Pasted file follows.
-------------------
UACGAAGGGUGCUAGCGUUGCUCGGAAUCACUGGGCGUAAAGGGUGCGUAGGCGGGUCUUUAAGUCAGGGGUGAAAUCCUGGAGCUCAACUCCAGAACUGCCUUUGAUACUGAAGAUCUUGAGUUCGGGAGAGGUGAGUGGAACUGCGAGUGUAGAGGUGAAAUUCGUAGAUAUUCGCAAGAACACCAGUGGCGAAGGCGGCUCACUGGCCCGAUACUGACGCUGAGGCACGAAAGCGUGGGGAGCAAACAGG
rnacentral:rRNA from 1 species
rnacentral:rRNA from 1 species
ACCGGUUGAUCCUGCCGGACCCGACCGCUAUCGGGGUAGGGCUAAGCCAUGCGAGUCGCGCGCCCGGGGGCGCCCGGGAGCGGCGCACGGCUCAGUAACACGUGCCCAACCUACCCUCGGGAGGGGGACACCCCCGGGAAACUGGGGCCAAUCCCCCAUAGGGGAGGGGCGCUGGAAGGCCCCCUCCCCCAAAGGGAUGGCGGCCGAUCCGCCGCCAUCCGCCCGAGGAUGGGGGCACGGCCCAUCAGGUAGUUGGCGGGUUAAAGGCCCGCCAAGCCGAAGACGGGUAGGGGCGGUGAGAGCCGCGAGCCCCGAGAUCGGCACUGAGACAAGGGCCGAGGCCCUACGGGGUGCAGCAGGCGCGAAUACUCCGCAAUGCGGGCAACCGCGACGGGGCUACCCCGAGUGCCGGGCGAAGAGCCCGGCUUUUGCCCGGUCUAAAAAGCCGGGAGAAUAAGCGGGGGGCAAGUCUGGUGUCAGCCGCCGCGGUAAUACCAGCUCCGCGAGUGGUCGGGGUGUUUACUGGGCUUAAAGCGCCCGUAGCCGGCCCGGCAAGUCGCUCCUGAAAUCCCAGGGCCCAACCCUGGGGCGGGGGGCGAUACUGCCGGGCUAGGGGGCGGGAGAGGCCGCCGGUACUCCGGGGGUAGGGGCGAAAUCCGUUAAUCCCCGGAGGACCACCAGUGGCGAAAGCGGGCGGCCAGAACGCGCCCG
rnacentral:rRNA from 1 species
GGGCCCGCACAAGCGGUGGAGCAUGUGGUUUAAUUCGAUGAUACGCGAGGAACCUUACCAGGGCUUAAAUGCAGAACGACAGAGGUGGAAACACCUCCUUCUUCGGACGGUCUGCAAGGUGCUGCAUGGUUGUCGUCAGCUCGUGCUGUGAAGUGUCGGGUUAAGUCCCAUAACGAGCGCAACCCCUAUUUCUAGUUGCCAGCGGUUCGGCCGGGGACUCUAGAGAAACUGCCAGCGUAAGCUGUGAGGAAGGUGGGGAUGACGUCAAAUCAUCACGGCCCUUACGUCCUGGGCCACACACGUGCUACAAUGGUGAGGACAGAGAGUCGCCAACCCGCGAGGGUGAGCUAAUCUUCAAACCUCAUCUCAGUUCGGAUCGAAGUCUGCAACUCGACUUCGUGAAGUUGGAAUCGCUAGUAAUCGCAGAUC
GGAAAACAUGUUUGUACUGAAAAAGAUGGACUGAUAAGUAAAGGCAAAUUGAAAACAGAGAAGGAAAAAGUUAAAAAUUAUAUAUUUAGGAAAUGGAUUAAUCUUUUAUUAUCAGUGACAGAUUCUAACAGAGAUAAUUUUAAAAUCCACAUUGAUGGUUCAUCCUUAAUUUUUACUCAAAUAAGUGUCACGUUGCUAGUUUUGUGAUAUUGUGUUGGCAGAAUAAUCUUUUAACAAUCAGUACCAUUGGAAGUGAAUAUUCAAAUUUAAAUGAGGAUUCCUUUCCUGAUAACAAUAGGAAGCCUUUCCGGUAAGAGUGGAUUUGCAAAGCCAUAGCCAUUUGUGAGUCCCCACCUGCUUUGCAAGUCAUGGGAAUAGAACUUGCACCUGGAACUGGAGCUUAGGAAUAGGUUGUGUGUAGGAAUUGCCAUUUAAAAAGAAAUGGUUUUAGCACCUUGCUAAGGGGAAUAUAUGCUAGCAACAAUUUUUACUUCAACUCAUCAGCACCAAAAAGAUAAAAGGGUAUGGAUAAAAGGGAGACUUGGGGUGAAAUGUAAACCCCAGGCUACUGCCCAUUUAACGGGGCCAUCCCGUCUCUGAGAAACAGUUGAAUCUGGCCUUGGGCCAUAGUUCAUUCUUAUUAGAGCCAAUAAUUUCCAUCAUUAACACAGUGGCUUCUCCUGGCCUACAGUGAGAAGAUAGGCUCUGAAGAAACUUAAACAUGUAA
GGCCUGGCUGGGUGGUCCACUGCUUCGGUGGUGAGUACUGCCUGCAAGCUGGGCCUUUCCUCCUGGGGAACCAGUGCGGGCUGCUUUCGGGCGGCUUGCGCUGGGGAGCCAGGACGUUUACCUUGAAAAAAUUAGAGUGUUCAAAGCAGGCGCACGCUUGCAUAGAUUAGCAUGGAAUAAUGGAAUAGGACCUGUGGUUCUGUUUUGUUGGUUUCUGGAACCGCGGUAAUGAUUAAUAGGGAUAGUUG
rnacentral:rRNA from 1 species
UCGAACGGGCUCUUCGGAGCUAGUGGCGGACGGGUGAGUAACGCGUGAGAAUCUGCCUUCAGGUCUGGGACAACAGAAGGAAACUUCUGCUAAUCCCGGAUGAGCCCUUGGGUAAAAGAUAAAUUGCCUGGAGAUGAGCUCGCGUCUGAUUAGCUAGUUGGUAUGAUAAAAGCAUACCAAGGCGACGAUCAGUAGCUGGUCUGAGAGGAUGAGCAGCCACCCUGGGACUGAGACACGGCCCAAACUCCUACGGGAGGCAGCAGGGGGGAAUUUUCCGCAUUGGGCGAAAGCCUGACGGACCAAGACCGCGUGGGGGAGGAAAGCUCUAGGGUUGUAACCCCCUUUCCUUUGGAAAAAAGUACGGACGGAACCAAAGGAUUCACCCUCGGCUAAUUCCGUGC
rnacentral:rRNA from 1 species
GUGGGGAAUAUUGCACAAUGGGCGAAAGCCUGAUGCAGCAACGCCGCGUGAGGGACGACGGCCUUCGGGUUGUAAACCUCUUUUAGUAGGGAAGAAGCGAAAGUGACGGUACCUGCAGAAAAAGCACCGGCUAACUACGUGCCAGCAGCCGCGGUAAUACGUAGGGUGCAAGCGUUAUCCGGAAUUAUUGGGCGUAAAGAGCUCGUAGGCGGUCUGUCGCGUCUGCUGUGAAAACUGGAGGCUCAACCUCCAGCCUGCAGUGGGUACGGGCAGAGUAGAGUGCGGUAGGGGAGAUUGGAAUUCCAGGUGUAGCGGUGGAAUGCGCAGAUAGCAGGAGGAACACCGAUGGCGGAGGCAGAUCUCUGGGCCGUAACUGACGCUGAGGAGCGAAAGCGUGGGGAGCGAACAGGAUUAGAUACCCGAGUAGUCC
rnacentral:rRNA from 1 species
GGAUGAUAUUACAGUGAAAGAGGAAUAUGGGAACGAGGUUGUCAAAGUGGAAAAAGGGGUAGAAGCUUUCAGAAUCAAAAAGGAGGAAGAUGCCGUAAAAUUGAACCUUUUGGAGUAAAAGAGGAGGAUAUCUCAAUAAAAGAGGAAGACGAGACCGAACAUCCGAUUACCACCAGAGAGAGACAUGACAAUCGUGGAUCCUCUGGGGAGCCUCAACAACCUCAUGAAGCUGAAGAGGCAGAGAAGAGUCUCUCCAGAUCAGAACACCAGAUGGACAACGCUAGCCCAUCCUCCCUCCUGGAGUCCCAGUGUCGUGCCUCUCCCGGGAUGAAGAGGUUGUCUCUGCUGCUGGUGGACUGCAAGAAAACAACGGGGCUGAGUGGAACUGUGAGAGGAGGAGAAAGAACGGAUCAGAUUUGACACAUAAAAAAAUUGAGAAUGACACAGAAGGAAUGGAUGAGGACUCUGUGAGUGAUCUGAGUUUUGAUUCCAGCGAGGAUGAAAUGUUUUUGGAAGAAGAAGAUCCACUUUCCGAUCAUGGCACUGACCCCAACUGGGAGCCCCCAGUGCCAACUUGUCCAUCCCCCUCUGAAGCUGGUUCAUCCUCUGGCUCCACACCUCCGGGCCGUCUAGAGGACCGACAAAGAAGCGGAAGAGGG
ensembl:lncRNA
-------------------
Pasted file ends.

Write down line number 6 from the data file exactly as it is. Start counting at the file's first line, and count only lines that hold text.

GGGCCCGCACAAGCGGUGGAGCAUGUGGUUUAAUUCGAUGAUACGCGAGGAACCUUACCAGGGCUUAAAUGCAGAACGACAGAGGUGGAAACACCUCCUUCUUCGGACGGUCUGCAAGGUGCUGCAUGGUUGUCGUCAGCUCGUGCUGUGAAGUGUCGGGUUAAGUCCCAUAACGAGCGCAACCCCUAUUUCUAGUUGCCAGCGGUUCGGCCGGGGACUCUAGAGAAACUGCCAGCGUAAGCUGUGAGGAAGGUGGGGAUGACGUCAAAUCAUCACGGCCCUUACGUCCUGGGCCACACACGUGCUACAAUGGUGAGGACAGAGAGUCGCCAACCCGCGAGGGUGAGCUAAUCUUCAAACCUCAUCUCAGUUCGGAUCGAAGUCUGCAACUCGACUUCGUGAAGUUGGAAUCGCUAGUAAUCGCAGAUC